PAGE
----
People want to connect with people. They don’t want a perfect public face. They want to learn from people who have had failures and success, who have imperfections and flaws. So put down your mask a little and let people know the person behind the blogging.

7. Encourage engagement

Allow comments, shares and likes. On most social media the reach you get is based on this level of interaction. Your writing will resonate with some people and not others. Timing is important – every now and then we read something at exactly the time we needed to hear it. It jumps out and grabs us. Give your readers the chance to tell you that.Ask them questions – open ended ones that can’t be answered with a simple yes or no. We get to know so much about our readers through comments. It will give us ideas on what other content they’d like to see, which will help you plan your future blogs.

Nobody can please all of the people all of the time. Unfortunately there are a lot of people with too much time on their hands and its very likely these will be the people who will post negative or personal comments. If they are expressing a genuine opinion – it may cause more engagement and discussion amongst your readers.

Even those who disagree with you can give you ideas for blogs.If they are just trolls then feel free to delete them. Its your page and I operate a zero tolerance on abusive or discriminatory language or behaviour. Happily I have never had to block anyone for this behaviour.

What type of writer are you – plotter or pantser?

Okay there is only one rule of writing and that is – write, everyday!

Aside from that – it really is whatever works for you.There are writing tutors who will tell you that you need to plan your book – we’ve all hear ‘fail to plan, plan to fail’.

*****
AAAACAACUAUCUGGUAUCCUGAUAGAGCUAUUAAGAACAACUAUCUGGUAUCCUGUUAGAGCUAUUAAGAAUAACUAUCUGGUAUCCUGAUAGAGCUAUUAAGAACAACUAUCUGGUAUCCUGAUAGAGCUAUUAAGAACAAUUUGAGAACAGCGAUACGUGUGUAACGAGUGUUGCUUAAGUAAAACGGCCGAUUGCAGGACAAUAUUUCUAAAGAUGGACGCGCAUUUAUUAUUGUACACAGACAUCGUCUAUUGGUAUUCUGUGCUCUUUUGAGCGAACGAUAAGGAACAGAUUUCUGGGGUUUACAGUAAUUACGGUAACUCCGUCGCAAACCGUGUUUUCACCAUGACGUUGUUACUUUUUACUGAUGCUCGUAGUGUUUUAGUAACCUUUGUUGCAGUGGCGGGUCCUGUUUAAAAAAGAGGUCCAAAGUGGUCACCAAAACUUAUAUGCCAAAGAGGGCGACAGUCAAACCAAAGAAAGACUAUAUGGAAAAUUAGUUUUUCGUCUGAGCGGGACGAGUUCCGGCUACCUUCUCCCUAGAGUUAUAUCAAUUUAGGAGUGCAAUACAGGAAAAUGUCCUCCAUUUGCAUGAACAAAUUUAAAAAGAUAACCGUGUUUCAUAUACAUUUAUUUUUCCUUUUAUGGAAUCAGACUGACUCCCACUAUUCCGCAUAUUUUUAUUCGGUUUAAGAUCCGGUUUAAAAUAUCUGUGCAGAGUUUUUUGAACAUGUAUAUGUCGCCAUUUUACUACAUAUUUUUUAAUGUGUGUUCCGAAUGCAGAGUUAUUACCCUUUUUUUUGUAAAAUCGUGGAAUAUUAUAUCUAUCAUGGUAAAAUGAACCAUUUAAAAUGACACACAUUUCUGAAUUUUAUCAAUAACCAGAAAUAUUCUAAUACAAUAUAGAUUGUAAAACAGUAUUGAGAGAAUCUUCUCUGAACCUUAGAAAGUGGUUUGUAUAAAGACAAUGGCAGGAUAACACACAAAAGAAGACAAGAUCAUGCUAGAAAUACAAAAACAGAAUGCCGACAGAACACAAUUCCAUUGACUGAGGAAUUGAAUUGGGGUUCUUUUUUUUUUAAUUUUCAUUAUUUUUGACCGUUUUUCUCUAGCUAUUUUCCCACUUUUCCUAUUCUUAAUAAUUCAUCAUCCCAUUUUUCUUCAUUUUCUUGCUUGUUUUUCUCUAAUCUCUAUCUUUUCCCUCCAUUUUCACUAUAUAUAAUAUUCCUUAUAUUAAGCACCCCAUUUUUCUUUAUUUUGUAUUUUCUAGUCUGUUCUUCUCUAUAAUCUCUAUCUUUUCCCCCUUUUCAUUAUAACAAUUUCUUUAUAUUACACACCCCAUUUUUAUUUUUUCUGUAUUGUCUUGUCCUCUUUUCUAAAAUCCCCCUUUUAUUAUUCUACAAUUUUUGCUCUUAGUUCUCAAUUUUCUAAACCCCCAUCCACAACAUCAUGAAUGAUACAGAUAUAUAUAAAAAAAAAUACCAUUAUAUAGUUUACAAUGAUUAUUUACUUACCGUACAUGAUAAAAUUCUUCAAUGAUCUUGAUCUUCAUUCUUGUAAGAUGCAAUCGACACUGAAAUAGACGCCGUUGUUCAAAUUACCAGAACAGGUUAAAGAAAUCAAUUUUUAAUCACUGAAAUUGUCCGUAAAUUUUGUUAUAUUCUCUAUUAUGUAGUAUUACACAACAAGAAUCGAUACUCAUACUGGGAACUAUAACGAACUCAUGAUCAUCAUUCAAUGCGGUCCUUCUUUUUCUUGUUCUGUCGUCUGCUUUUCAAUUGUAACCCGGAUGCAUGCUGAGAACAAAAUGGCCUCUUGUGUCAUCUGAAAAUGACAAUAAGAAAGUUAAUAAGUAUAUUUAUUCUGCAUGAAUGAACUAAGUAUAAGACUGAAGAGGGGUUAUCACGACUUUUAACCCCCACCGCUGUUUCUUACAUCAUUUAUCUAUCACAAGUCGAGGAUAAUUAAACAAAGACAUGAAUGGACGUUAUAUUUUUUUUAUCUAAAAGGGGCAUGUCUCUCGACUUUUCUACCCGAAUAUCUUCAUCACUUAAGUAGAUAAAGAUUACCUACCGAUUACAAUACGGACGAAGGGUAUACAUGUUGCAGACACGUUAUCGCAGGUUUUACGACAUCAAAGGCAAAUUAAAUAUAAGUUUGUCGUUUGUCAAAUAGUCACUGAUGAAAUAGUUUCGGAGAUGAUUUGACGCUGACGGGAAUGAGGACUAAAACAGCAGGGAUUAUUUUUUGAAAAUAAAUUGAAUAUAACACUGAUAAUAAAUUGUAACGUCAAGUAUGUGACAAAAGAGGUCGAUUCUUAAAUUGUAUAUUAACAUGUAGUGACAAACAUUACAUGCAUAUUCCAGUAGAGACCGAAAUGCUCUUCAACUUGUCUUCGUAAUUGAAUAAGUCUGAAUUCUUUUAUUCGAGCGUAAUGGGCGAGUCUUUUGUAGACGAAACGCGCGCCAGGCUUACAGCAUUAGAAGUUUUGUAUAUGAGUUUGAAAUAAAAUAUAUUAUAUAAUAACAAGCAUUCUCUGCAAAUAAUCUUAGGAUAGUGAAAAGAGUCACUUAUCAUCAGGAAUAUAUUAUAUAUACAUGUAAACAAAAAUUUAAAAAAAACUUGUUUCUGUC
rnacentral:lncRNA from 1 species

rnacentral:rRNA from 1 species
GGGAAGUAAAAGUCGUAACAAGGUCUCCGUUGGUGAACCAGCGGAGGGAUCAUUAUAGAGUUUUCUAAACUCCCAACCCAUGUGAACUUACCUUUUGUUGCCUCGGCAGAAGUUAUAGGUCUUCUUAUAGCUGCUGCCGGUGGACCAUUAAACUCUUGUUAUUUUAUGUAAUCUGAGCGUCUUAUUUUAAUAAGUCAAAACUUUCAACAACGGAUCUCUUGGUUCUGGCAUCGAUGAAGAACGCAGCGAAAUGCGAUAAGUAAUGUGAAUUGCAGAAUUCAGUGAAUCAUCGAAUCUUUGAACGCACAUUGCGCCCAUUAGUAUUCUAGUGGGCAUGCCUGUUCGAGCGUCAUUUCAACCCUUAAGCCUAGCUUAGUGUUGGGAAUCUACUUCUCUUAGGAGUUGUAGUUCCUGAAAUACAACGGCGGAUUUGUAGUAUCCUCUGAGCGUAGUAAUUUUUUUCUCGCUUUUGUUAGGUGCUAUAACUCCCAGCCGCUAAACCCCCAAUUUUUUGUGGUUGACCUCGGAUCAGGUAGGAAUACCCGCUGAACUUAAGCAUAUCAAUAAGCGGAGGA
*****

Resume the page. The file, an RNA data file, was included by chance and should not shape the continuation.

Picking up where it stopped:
That’s not true – I’ve written 7 manuscripts – that’s effectively seven novels. The only novels I ever planned I never wrote. Fact – you can plan the best book in the world but if you never write it – then its just a great plan.

Whatever makes you write – do that! If you don’t know what works for you – try each way and work out what works best for you.

So – what are the different types?


The planners of the writing tribe are most commonly known as ‘plotters’. They outline, plan to varying degrees their non-fiction or fiction books. James Patterson and J.K Rowling are two well known examples of plotters.

James Patterson outlines all of his books, even those he co-authors with others. His outlines are paragraphs of each and every chapter of his novel. He and his co-authors work through each chapter consecutively.

Pros of being a plotter·

  • You know exactly where your book is going;
  • It is easier to determine how long your book is going to take to write;
  • It is much easier to see the holes in your story;
  • It is easier to see in advance where there are loose ends that need to be tied up by the end of your book;
  • Virtually every agent will require you to provide a synopsis – depending on what they are asking for exactly – an outline can be cut and pasted saving you having to draft a separate synopsis;
  • Some advocates of plotting say that its prevents writer’s block because you know what you need to write next;
  • It can help avoid inconsistencies in plot and characters;
  • The editing process is usually much easier

Cons of being a plotter·

  • Spending a lot of time plotting and planning can be a distraction from the actual writing that will get the book finished;
  • The story can take a different turn leaving writers with a dilemma as to whether to follow your outline or off on a tangent;
  • It can feel a more logical brain exercise rather than a creative process;
  • Margaret Atwood says that she considers planning to be a bit like writing by numbers


The term pantsers comes from the phrase ‘flying by the seat of your pants’.

I am a pantser – I’ve taken advice twice to outline my book and both times it has felt like once the outline was done – the book was done – which it wasn’t. It felt as though it ruined the creative flow for me. I like finding out about my characters as I write. I find it exciting and not unlike reading.

Stephen King starts with a character and a circumstance for example a man’s car breaks down in a remote area – he knocks on the closest door. That’s what he started with, ALL he started with and it became ‘Misery’.

Another pantser is Margaret Atwood who says that planning her books would be too much like ‘painting by numbers’.

For every plotter there are equal numbers of pantsers. And then there are occasionally those who are ‘in-betweeners’. Those who do a version of both.


One author I met said they write about three chapters of their book while they get to know their characters without any planning. Then they stop – take stock of what they’ve written and do a basic plan of the rest of their story.